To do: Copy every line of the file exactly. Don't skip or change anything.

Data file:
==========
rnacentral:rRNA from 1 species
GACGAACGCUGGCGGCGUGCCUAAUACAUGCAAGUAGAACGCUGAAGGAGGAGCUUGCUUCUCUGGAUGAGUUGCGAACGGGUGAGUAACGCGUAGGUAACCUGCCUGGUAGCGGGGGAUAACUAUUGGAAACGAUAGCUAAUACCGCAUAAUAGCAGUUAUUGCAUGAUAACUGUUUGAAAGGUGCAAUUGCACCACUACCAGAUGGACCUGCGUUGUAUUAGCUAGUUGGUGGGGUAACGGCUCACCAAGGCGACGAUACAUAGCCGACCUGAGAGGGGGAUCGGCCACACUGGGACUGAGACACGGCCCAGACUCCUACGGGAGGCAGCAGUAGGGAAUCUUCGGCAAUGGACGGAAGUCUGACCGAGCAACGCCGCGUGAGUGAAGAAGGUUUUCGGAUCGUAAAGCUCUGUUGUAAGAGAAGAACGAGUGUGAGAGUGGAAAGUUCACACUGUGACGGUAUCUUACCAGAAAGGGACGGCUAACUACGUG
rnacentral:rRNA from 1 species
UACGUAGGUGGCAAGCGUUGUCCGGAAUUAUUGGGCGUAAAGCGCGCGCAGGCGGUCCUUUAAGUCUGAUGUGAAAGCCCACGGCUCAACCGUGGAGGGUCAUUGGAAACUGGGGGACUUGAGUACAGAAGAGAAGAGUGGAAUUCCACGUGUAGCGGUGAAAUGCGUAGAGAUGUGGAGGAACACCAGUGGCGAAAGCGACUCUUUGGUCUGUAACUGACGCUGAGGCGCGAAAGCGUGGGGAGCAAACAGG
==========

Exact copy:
rnacentral:rRNA from 1 species
GACGAACGCUGGCGGCGUGCCUAAUACAUGCAAGUAGAACGCUGAAGGAGGAGCUUGCUUCUCUGGAUGAGUUGCGAACGGGUGAGUAACGCGUAGGUAACCUGCCUGGUAGCGGGGGAUAACUAUUGGAAACGAUAGCUAAUACCGCAUAAUAGCAGUUAUUGCAUGAUAACUGUUUGAAAGGUGCAAUUGCACCACUACCAGAUGGACCUGCGUUGUAUUAGCUAGUUGGUGGGGUAACGGCUCACCAAGGCGACGAUACAUAGCCGACCUGAGAGGGGGAUCGGCCACACUGGGACUGAGACACGGCCCAGACUCCUACGGGAGGCAGCAGUAGGGAAUCUUCGGCAAUGGACGGAAGUCUGACCGAGCAACGCCGCGUGAGUGAAGAAGGUUUUCGGAUCGUAAAGCUCUGUUGUAAGAGAAGAACGAGUGUGAGAGUGGAAAGUUCACACUGUGACGGUAUCUUACCAGAAAGGGACGGCUAACUACGUG
rnacentral:rRNA from 1 species
UACGUAGGUGGCAAGCGUUGUCCGGAAUUAUUGGGCGUAAAGCGCGCGCAGGCGGUCCUUUAAGUCUGAUGUGAAAGCCCACGGCUCAACCGUGGAGGGUCAUUGGAAACUGGGGGACUUGAGUACAGAAGAGAAGAGUGGAAUUCCACGUGUAGCGGUGAAAUGCGUAGAGAUGUGGAGGAACACCAGUGGCGAAAGCGACUCUUUGGUCUGUAACUGACGCUGAGGCGCGAAAGCGUGGGGAGCAAACAGG